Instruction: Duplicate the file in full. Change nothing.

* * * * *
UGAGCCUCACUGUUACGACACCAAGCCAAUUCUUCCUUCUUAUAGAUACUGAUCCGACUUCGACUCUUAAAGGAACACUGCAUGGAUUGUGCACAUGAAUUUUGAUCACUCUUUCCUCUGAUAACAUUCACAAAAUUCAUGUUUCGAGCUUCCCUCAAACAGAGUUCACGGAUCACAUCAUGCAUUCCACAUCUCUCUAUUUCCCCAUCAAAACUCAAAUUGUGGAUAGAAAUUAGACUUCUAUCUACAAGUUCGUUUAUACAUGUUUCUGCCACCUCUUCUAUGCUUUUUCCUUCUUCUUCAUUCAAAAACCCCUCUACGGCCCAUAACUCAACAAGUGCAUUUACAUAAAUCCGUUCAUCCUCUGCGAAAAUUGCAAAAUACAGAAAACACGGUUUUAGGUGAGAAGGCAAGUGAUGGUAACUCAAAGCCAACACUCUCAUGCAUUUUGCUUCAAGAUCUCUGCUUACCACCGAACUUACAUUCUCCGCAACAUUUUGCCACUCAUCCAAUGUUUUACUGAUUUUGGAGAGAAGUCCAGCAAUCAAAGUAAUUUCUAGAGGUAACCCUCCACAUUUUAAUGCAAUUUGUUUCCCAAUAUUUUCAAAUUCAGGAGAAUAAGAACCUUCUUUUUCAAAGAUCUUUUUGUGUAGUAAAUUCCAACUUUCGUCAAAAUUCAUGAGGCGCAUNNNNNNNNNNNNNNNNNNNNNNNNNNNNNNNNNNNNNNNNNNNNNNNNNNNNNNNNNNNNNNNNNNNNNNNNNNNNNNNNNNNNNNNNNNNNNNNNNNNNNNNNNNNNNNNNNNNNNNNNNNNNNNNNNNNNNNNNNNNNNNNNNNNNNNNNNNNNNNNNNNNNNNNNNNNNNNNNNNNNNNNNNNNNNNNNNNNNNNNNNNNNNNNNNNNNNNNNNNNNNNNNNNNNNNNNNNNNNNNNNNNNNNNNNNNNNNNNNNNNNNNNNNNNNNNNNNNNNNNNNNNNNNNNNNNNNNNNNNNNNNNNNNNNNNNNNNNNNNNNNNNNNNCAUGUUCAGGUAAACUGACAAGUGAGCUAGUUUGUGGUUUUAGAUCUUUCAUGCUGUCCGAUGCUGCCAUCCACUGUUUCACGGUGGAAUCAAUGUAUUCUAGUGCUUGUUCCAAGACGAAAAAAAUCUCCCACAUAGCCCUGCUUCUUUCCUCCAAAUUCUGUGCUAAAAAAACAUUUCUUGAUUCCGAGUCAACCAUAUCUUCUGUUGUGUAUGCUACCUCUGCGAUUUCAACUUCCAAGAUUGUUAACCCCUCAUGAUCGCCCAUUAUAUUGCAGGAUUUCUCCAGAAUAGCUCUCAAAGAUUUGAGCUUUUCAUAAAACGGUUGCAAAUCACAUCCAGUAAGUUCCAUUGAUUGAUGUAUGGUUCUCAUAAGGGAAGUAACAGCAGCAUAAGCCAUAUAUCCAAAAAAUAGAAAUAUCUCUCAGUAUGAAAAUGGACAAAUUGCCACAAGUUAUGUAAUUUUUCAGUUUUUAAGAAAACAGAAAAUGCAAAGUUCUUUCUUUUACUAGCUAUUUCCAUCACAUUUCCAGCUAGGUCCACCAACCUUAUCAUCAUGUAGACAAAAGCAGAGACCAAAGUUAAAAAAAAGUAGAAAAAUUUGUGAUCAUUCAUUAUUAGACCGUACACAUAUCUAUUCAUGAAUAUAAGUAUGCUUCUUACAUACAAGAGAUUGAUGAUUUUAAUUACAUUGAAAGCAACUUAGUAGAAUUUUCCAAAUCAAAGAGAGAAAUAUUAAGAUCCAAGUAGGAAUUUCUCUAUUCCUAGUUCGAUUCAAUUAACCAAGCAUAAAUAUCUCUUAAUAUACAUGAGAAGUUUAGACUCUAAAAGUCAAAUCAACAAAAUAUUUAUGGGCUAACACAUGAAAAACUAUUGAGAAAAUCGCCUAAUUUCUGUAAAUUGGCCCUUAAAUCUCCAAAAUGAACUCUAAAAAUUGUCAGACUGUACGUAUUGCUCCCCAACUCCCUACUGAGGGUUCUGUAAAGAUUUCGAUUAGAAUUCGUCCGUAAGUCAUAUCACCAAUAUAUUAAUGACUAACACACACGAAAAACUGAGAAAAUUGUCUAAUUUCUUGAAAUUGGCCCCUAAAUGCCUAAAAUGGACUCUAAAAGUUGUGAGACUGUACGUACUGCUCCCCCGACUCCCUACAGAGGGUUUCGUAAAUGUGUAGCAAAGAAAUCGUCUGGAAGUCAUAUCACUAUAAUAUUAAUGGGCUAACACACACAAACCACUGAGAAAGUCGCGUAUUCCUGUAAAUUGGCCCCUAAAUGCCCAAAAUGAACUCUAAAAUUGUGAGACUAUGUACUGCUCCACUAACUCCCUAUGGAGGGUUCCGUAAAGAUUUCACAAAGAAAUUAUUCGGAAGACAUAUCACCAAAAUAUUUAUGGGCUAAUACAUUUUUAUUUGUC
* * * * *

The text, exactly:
UGAGCCUCACUGUUACGACACCAAGCCAAUUCUUCCUUCUUAUAGAUACUGAUCCGACUUCGACUCUUAAAGGAACACUGCAUGGAUUGUGCACAUGAAUUUUGAUCACUCUUUCCUCUGAUAACAUUCACAAAAUUCAUGUUUCGAGCUUCCCUCAAACAGAGUUCACGGAUCACAUCAUGCAUUCCACAUCUCUCUAUUUCCCCAUCAAAACUCAAAUUGUGGAUAGAAAUUAGACUUCUAUCUACAAGUUCGUUUAUACAUGUUUCUGCCACCUCUUCUAUGCUUUUUCCUUCUUCUUCAUUCAAAAACCCCUCUACGGCCCAUAACUCAACAAGUGCAUUUACAUAAAUCCGUUCAUCCUCUGCGAAAAUUGCAAAAUACAGAAAACACGGUUUUAGGUGAGAAGGCAAGUGAUGGUAACUCAAAGCCAACACUCUCAUGCAUUUUGCUUCAAGAUCUCUGCUUACCACCGAACUUACAUUCUCCGCAACAUUUUGCCACUCAUCCAAUGUUUUACUGAUUUUGGAGAGAAGUCCAGCAAUCAAAGUAAUUUCUAGAGGUAACCCUCCACAUUUUAAUGCAAUUUGUUUCCCAAUAUUUUCAAAUUCAGGAGAAUAAGAACCUUCUUUUUCAAAGAUCUUUUUGUGUAGUAAAUUCCAACUUUCGUCAAAAUUCAUGAGGCGCAUNNNNNNNNNNNNNNNNNNNNNNNNNNNNNNNNNNNNNNNNNNNNNNNNNNNNNNNNNNNNNNNNNNNNNNNNNNNNNNNNNNNNNNNNNNNNNNNNNNNNNNNNNNNNNNNNNNNNNNNNNNNNNNNNNNNNNNNNNNNNNNNNNNNNNNNNNNNNNNNNNNNNNNNNNNNNNNNNNNNNNNNNNNNNNNNNNNNNNNNNNNNNNNNNNNNNNNNNNNNNNNNNNNNNNNNNNNNNNNNNNNNNNNNNNNNNNNNNNNNNNNNNNNNNNNNNNNNNNNNNNNNNNNNNNNNNNNNNNNNNNNNNNNNNNNNNNNNNNNNNNNNNNNCAUGUUCAGGUAAACUGACAAGUGAGCUAGUUUGUGGUUUUAGAUCUUUCAUGCUGUCCGAUGCUGCCAUCCACUGUUUCACGGUGGAAUCAAUGUAUUCUAGUGCUUGUUCCAAGACGAAAAAAAUCUCCCACAUAGCCCUGCUUCUUUCCUCCAAAUUCUGUGCUAAAAAAACAUUUCUUGAUUCCGAGUCAACCAUAUCUUCUGUUGUGUAUGCUACCUCUGCGAUUUCAACUUCCAAGAUUGUUAACCCCUCAUGAUCGCCCAUUAUAUUGCAGGAUUUCUCCAGAAUAGCUCUCAAAGAUUUGAGCUUUUCAUAAAACGGUUGCAAAUCACAUCCAGUAAGUUCCAUUGAUUGAUGUAUGGUUCUCAUAAGGGAAGUAACAGCAGCAUAAGCCAUAUAUCCAAAAAAUAGAAAUAUCUCUCAGUAUGAAAAUGGACAAAUUGCCACAAGUUAUGUAAUUUUUCAGUUUUUAAGAAAACAGAAAAUGCAAAGUUCUUUCUUUUACUAGCUAUUUCCAUCACAUUUCCAGCUAGGUCCACCAACCUUAUCAUCAUGUAGACAAAAGCAGAGACCAAAGUUAAAAAAAAGUAGAAAAAUUUGUGAUCAUUCAUUAUUAGACCGUACACAUAUCUAUUCAUGAAUAUAAGUAUGCUUCUUACAUACAAGAGAUUGAUGAUUUUAAUUACAUUGAAAGCAACUUAGUAGAAUUUUCCAAAUCAAAGAGAGAAAUAUUAAGAUCCAAGUAGGAAUUUCUCUAUUCCUAGUUCGAUUCAAUUAACCAAGCAUAAAUAUCUCUUAAUAUACAUGAGAAGUUUAGACUCUAAAAGUCAAAUCAACAAAAUAUUUAUGGGCUAACACAUGAAAAACUAUUGAGAAAAUCGCCUAAUUUCUGUAAAUUGGCCCUUAAAUCUCCAAAAUGAACUCUAAAAAUUGUCAGACUGUACGUAUUGCUCCCCAACUCCCUACUGAGGGUUCUGUAAAGAUUUCGAUUAGAAUUCGUCCGUAAGUCAUAUCACCAAUAUAUUAAUGACUAACACACACGAAAAACUGAGAAAAUUGUCUAAUUUCUUGAAAUUGGCCCCUAAAUGCCUAAAAUGGACUCUAAAAGUUGUGAGACUGUACGUACUGCUCCCCCGACUCCCUACAGAGGGUUUCGUAAAUGUGUAGCAAAGAAAUCGUCUGGAAGUCAUAUCACUAUAAUAUUAAUGGGCUAACACACACAAACCACUGAGAAAGUCGCGUAUUCCUGUAAAUUGGCCCCUAAAUGCCCAAAAUGAACUCUAAAAUUGUGAGACUAUGUACUGCUCCACUAACUCCCUAUGGAGGGUUCCGUAAAGAUUUCACAAAGAAAUUAUUCGGAAGACAUAUCACCAAAAUAUUUAUGGGCUAAUACAUUUUUAUUUGUC